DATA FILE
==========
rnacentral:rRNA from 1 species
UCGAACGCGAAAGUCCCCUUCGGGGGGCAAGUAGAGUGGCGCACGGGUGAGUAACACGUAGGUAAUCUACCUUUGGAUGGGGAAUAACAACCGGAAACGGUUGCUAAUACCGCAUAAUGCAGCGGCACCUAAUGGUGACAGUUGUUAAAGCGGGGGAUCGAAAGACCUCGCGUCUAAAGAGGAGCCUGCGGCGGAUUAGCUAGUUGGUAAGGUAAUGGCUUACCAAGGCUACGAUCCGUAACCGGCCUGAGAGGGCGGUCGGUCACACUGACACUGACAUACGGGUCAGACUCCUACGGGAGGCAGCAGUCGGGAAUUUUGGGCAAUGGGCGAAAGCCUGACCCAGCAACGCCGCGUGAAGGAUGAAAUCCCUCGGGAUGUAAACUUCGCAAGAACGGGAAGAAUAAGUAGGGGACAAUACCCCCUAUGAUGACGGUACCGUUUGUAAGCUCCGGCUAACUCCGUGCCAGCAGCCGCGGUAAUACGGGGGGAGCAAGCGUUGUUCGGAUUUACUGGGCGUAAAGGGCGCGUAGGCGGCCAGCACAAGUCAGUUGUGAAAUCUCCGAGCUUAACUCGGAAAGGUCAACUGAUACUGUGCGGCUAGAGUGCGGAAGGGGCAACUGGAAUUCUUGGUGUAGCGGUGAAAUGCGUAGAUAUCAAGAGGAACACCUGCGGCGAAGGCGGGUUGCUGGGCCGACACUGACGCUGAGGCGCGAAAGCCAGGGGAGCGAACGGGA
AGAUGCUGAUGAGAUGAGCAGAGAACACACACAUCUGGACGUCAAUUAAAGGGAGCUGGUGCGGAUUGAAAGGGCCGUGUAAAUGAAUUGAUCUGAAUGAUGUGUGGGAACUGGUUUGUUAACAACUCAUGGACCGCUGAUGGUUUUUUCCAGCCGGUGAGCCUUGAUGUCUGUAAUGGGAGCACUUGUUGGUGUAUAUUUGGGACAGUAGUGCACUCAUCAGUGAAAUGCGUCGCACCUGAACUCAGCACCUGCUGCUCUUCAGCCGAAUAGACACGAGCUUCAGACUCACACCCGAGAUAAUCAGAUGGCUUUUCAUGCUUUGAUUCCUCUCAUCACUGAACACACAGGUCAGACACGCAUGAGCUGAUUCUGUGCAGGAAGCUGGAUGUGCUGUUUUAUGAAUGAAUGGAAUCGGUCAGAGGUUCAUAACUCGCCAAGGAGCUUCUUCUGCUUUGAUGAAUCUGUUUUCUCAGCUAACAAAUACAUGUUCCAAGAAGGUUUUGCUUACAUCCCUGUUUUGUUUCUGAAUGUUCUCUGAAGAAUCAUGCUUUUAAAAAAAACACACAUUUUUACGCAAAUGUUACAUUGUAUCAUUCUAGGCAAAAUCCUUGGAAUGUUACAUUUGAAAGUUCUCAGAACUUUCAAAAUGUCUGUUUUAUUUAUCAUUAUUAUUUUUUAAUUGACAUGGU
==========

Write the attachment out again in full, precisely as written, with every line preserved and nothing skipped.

rnacentral:rRNA from 1 species
UCGAACGCGAAAGUCCCCUUCGGGGGGCAAGUAGAGUGGCGCACGGGUGAGUAACACGUAGGUAAUCUACCUUUGGAUGGGGAAUAACAACCGGAAACGGUUGCUAAUACCGCAUAAUGCAGCGGCACCUAAUGGUGACAGUUGUUAAAGCGGGGGAUCGAAAGACCUCGCGUCUAAAGAGGAGCCUGCGGCGGAUUAGCUAGUUGGUAAGGUAAUGGCUUACCAAGGCUACGAUCCGUAACCGGCCUGAGAGGGCGGUCGGUCACACUGACACUGACAUACGGGUCAGACUCCUACGGGAGGCAGCAGUCGGGAAUUUUGGGCAAUGGGCGAAAGCCUGACCCAGCAACGCCGCGUGAAGGAUGAAAUCCCUCGGGAUGUAAACUUCGCAAGAACGGGAAGAAUAAGUAGGGGACAAUACCCCCUAUGAUGACGGUACCGUUUGUAAGCUCCGGCUAACUCCGUGCCAGCAGCCGCGGUAAUACGGGGGGAGCAAGCGUUGUUCGGAUUUACUGGGCGUAAAGGGCGCGUAGGCGGCCAGCACAAGUCAGUUGUGAAAUCUCCGAGCUUAACUCGGAAAGGUCAACUGAUACUGUGCGGCUAGAGUGCGGAAGGGGCAACUGGAAUUCUUGGUGUAGCGGUGAAAUGCGUAGAUAUCAAGAGGAACACCUGCGGCGAAGGCGGGUUGCUGGGCCGACACUGACGCUGAGGCGCGAAAGCCAGGGGAGCGAACGGGA
AGAUGCUGAUGAGAUGAGCAGAGAACACACACAUCUGGACGUCAAUUAAAGGGAGCUGGUGCGGAUUGAAAGGGCCGUGUAAAUGAAUUGAUCUGAAUGAUGUGUGGGAACUGGUUUGUUAACAACUCAUGGACCGCUGAUGGUUUUUUCCAGCCGGUGAGCCUUGAUGUCUGUAAUGGGAGCACUUGUUGGUGUAUAUUUGGGACAGUAGUGCACUCAUCAGUGAAAUGCGUCGCACCUGAACUCAGCACCUGCUGCUCUUCAGCCGAAUAGACACGAGCUUCAGACUCACACCCGAGAUAAUCAGAUGGCUUUUCAUGCUUUGAUUCCUCUCAUCACUGAACACACAGGUCAGACACGCAUGAGCUGAUUCUGUGCAGGAAGCUGGAUGUGCUGUUUUAUGAAUGAAUGGAAUCGGUCAGAGGUUCAUAACUCGCCAAGGAGCUUCUUCUGCUUUGAUGAAUCUGUUUUCUCAGCUAACAAAUACAUGUUCCAAGAAGGUUUUGCUUACAUCCCUGUUUUGUUUCUGAAUGUUCUCUGAAGAAUCAUGCUUUUAAAAAAAACACACAUUUUUACGCAAAUGUUACAUUGUAUCAUUCUAGGCAAAAUCCUUGGAAUGUUACAUUUGAAAGUUCUCAGAACUUUCAAAAUGUCUGUUUUAUUUAUCAUUAUUAUUUUUUAAUUGACAUGGU